Every good controversy needs an enemy. The hedge funds weren’t bad for this role – but it was just too…obvious. Then, on Thursday, in stepped Robinhood.
First, let’s discuss just what Robinhood is. Founded not long after Mr. Rogozinski founded r/WSB, Robinhood was initially just a way to track stocks. That did not last long. After regulatory approval in 2013 to operate as a brokerage, they began to ramp up their efforts and released their first app, via the Apple app store, in late 2014.
The stated public goal: “the democratization of finance”. They named themselves Robinhood, after all, right? Steal from the rich, give to the poor. It’s all about the little guy!
Everyone reading this is smart enough to know that’s total hogwash. In fact, the people using Robinhood to trade their stock portfolio are not even Robinhood’s real client! Their real clients are groups like Citadel which “buy their order flow” – meaning they execute the trades for Robinhood. That’s where the money is at, and it is likely this has made Robinhood hundreds of millions of dollars. That’s how they give away “free trades”. As the old saying goes, nothing in life is free.
So, here is where the conspiracy business starts: as we noted, Robinhood sells their order flow to Citadel (so does pretty much everyone else, by the way). Citadel has a large stake in a hedge fund that was shorting GME. A day after this started, Robinhood froze all trading in GME. The conspiracy assumes they did so on behalf of Citadel which allowed their hedge fund buddies to get out and not take a hit.
First, let us say this: this did really expose the underbelly of finance. Main Street investors are talking about things they have not ever discussed like order flow and float and the Depository Trust & Clearing Corporation. Sunlight is a very, very good thing.
But sometimes the boogieman is not hiding under your bed. This seems to be the case with Robinhood and GME. Stopping trading in GME was a massive mistake and created long-term reputational damage for Robinhood. But they likely did not have a choice. Whether they wanted to admit it or not, they likely had a serious liquidity problem and had the potential to get crushed. That is why they had to borrow roughly $600 million on Thursday. Once the funds were in place, trading started again. But the damage was already done. r/WSB and new acolytes already had the evidence they needed: Wall Street is trying to crush the little guy.
The Crater: Individual Investors
This is a story without any real good guys. One could argue what the WSB members were doing was market manipulation. In fact – it absolutely was. And the coordination of it was on a public message board.
On the other side, they were not doing anything Wall Street hasn’t done for years. They just do it in suits and ties on CNBC and not behind a monitor in their mom’s basement. As someone said this week, “The bunny got the gun.”
The problem is not GameStop, or WSB, or the hedge funds, or Robinhood. The problem is what comes next.
As we noted to you earlier in this memo, the membership of WSB has expanded exponentially in the last week. It has millions of new members since this started. Guess what those members are doing? For a stock to be trading at 68x book value it must have someone buying the stock at that price. Who is doing that? Those that are late to the party and want to get a piece of the action.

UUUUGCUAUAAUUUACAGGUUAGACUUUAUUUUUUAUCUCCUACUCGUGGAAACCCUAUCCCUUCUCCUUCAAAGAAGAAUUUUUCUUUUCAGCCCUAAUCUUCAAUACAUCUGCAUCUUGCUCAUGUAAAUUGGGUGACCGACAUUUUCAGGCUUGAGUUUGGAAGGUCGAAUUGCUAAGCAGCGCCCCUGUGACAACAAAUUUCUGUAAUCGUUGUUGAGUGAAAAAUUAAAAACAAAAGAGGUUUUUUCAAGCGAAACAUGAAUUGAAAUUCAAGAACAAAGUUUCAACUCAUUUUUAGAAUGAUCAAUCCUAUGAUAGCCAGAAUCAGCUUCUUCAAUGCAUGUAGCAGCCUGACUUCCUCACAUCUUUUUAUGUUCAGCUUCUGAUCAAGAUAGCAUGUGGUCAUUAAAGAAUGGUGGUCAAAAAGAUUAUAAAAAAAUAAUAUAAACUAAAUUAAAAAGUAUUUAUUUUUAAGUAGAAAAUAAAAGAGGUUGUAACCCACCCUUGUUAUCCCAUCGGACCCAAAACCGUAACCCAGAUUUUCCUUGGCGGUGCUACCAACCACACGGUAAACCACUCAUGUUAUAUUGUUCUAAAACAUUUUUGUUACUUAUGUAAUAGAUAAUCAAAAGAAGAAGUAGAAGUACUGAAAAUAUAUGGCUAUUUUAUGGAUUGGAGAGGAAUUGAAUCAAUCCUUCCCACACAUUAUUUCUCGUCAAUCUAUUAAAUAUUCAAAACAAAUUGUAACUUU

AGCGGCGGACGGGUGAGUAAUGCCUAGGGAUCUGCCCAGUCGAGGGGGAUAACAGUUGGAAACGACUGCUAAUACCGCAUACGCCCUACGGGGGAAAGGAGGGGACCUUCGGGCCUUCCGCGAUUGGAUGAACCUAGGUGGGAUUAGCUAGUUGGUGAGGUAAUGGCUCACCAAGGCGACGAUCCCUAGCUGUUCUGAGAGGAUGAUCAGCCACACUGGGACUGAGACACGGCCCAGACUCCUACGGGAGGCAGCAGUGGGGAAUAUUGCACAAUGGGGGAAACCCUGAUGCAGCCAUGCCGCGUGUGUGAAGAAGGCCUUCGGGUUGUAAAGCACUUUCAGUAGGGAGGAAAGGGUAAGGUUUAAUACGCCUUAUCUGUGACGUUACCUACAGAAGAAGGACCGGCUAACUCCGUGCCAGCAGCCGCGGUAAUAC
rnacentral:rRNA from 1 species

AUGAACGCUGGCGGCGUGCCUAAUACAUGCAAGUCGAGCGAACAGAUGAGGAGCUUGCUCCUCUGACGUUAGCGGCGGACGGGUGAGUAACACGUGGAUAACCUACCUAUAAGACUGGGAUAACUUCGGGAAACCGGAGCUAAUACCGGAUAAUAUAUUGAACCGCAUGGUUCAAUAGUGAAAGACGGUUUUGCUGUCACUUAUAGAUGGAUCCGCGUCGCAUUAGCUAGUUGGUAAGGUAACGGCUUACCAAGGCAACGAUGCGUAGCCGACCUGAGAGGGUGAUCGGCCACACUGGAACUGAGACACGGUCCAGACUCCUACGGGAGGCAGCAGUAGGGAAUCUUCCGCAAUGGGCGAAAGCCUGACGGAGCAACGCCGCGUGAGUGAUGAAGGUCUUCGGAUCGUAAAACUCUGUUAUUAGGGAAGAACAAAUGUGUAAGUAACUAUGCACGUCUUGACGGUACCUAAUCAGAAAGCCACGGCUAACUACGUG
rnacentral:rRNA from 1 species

For those old WSB members who bought GME at $3 earlier this year, this is going to work out very, very well. Good on them. They figured it out. For the masses that came in and bought it at $350? This will not end well. They are the unintended victims of this process.
The other (probably deserved) victim? The reputation of Wall Street. As we noted above, the conspiracy theories about the actions of Robinhood and their partners are a bit…exaggerated. But what the WSB crew did this week was pull the mask off Wall Street and show them for what they are. And they showed it was possible to beat them at their own game.
This is, essentially, the “internetization” of finance. The same forces that have driven social media to its zenith, boosted political polarization, etc., are at play here. There are positives to this, no doubt. But there are a lot of uncertainties. Which company or hedge fund is next? What motivates the mob? It seems a hatred for the hedge funds did it this time. What happens if they decide they are mad at Jeff Bezos and decide to short Amazon? Or target Warren Buffett. This experiment really did not impact many “real people”. The next one may not be so painless.
The likely result? More regulation. Like it or not, it is much easier for the “big boys” to pool their resources and lobby the members of Congress and executive branch officials they have been financing for…well…ever. The WSB crew – or those like them – do not have much representation in Washington. The rules will continue to protect those that pay for those who write them.
What does this mean for you? Nothing right now. We do not have any exposure in any of the positions being targeted today. But it does mean we are going to have to pay a little more attention to the Redittors of the world to make sure we’re playing defense on that front as well. It seems there will always be another new wrinkle!
Insight Wealth Group